There are no quips at Project Hum. While an open counter readies your bowl of green, seasonal-friendly dish, a scan of the QR code decodes where its many ingredients come from. Dining at this restaurant means getting a heartful bite of health, sustainability, and newer perspectives.
For emerging restaurateurs today, when terms like organic, sustainable, eco-conscious in the market are already being used (more often than not) as decorative adjectives than being substantial in reality, the challenge and a blessing in disguise is to turn the tables in their favour. The latest arrival of Project Hum, a chic-casual eatery in the nexus of Mumbai’s neighbourhood Bandra exemplifies this without holding any bars.
The founding team of three young, 25 year olds— Raghav Simha, Jatin Talreja and Pragun Bajaj—one certain day decided to finally give identity to their progressive idea of bringing the perfect platter of organic food to everyone. Accessibility was the motivation, while a collective sense of clean eating with a focus on the real food providers, that is the farmers, became the point of focus. Thus, was born Project Hum, remoulding the common notion of farm-to-fork being a conversation only in the circles of fine dining.
Shouldered by existing popular spots like Suzzette and The Irish House, Project Hum stands proud and poised with its blue, beige and white colour scheme. With a glass-bordered indoor area, the restaurant also hosts comfortable outdoor seating overlooking the bustling street view of Pali Hill.
With someone so accustomed to first score the design and decor details of restaurants and cafés, here my eyes first landed on the picture of ‘Farmer of the Month’ Ganesh Hande from Junnar in Maharashtra, a poster hung on the wall right opposite the entry door.
Jatin Talreja, one third of the founder said, “The idea is to award one farmer every month whose produce is being used most in our dishes and the one who uses more sustainable ways of farming in their farms.”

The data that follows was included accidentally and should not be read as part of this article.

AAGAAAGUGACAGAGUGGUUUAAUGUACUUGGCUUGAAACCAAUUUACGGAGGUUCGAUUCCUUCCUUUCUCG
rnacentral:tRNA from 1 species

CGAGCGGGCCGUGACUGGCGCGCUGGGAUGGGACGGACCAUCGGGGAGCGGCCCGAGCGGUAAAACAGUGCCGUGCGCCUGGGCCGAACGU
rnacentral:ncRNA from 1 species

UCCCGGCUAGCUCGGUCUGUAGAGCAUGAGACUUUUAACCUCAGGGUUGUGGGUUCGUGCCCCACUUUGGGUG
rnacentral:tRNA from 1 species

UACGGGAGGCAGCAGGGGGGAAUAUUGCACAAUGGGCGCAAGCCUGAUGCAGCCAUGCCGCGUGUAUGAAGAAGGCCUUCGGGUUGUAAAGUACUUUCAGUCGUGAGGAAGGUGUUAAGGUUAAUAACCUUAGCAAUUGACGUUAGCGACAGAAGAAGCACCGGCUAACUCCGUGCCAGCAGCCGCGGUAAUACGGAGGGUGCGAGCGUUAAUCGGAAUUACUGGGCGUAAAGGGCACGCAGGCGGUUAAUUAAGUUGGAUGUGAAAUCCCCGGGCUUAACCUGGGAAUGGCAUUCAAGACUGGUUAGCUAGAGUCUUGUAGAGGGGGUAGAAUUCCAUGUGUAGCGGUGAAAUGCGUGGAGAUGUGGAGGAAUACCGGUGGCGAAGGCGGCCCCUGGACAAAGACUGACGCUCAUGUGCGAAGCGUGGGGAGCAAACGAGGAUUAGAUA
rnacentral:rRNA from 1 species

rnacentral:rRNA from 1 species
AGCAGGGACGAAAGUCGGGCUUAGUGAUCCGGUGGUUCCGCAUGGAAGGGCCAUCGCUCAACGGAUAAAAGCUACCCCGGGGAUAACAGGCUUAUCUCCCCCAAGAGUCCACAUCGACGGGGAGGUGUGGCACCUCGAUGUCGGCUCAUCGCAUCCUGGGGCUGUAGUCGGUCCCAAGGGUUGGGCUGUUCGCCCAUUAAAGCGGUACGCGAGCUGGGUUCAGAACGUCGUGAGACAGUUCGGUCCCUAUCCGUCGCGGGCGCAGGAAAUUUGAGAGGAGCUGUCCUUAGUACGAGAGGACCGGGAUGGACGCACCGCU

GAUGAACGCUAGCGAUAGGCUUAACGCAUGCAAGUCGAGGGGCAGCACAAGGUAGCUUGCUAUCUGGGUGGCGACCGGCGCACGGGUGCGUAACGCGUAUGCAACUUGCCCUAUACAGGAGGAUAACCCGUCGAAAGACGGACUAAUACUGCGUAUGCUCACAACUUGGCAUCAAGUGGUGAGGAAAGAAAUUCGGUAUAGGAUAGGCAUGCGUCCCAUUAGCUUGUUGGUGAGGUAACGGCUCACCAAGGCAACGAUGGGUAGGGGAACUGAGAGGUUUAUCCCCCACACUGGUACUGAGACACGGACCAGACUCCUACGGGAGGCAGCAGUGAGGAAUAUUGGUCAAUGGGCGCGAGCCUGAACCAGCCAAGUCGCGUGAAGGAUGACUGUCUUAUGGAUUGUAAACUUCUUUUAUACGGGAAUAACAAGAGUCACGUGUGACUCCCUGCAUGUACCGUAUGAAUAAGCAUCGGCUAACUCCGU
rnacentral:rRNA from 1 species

My conversation with Raghav Simha also reveals that the role of the farmers does not just cease at being the ingredient providers for the restaurant. In fact, this direct connect with them will soon culminate into special events where the farmers can visit the outlet themselves, sample the recipes made and witness the final output of farm-to-table in person.
Making my way to Project Hum on a Friday evening that’s ready to spill on to the weekend, it is a surprising delight to see a flock of young guests gravitating here and choosing to munch on healthy meals over junk. After a quick glance of the menu, I ask Simha and Talreja to recommend me the bestsellers.
In a while, two different trays of open sandwiches arrive on the white-tiled counter table I am sitting on, which also works so well as a community table for solo visitors here. The first toast ‘Fico’ looks vibrant crowned with grilled zucchini from Torus farm and mushrooms, bellpaper jam, arugula and kale pesto. The second one is a ‘Br-avocado’ with byadgi macha, bellpaper jam, pickled onion and arugula from Satviki Farm. I noshed it up in a matter of minutes. And, that’s self-explanatory. Isn’t it?
Project Hum’s menu is elaborately sectioned into many categories—from wrap trays, seasonal salads and bowls to artisanal sandwiches and toasts, crafted salads to frozen yoghurt, desserts and more.
You would not find cocktails and spirits here, though. Keeping up with the concept of clean eating as Talreja informs, the idea was to have such beverages that could go fittingly well with the meals here. So you will find smoothies, cold-pressed juice, refreshers, coffees and teas.
Sustainability trickles onto the tableware as well. The menu is served in bowls, trays and little cups made out of biodegradable sugarcane bagasse that the team informs, saves about 40 per cent water, too.
What has now become my favourite, the light, oil-free and mucho delicious sweet potato fries are a must have. The menu at Project Hum will keep rotating every few months to bring in the best of seasonal produce to the table, I’m told. The restaurant may soon introduce a strawberry-special lineup once the red berries are in season next month.
In those moments of anticipating my order, as I keenly look around the space decked up in hues of brick orange, beige and whites, the design plays as a beautiful bridge between the concept and food served here. An open counter with a closed pantry behind it overlooks neatly lined up chairs, couches and tables with a large orange shelf, racked up with books and other curios.
Project Hum, as I see it, is not a one-time visit eatery. In fact, to make sure your gut and resolutions to eat better every day stay intact, even when hitting a restaurant, this new gem in Bandra’s Pali Hill comes with some bright, greener promises!
Overall rating: ⭐⭐⭐⭐ (Max: 5 stars)
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